By James David Draper
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    A new work by Domenico Guidi: the bust of Cardinal Gianfrancesco Albani

    By Lucia Simonato
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    The Parisian career of Jacques François Saly, 1749–53

    By Bent Sørensen
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  • The Salerno Ivories: Objects, Histories, Contexts, edited by Francesca Dell' Acqua, Anthony Cutler, Herbert L. Kessler, Avinoam Shalem and Gerhard Wolf

    By Paul Williamson
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  • The Monster in the Garden: The Grotesque and the Gigantic in Renaissance Landscape Design, by Luke Morgan

    By Todd Longstaffe-Gowan
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  • The Sculpture of Tullio Lombardo, by Anne Markham Schulz

    By Claudia Kryza-Gersch
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  • From the Shadows: The Architecture and Afterlife of Nicholas Hawksmoor, by Owen Hopkins

    By Anthony Geraghty
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  • The Marble Index: Roubiliac and Sculptural Portraiture in Eighteenth-century Britain, by Malcolm Baker

    By Tessa Murdoch
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  • Art, Artisans & Apprentices: Apprentice Painters and Sculptors in Early Modern British Tradition, by James Ayres

    By Martin Postle
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  • The American School: Artists and Status in the Late Colonial and Early National Era, by Susan Rather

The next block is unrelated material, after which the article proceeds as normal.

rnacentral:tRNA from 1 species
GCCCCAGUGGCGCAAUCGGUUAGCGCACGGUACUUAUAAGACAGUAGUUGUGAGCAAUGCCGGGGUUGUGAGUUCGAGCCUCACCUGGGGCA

By Loyd Grossman
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  • La Fabbrica del Rinascimento. Frédéric Spitzer mercante d'arte e collezionista nell'Europa della nuove nazioni, by Paola Cordera

    By Jeremy Warren
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  • Painting, Politics, and the New Front of Cold War Italy, by Adrian R. Duran

    By Maria Elena Versari
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  • John Gibson

    By Susanna Avery-Quash
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  • Adriaen van de Velde

    By John Loughman
  • Artangel at Reading Prison

    By Martha Barratt
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  • Simon Starling

    By Dominic Paterson
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  • Boudin

    By Michael Clarke
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  • Art in Marseille in the eighteenth century

    By Jamie Mulherron
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  • Miniature Sculptures

    By Jeremy Warren
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  • Polychrome wooden sculpture of Renaissance Florence

    By Davide Gasparotto
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  • Franz von Stuck

    By Lorenz van der Meij
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  • Della Robbia

    By Nathaniel Silver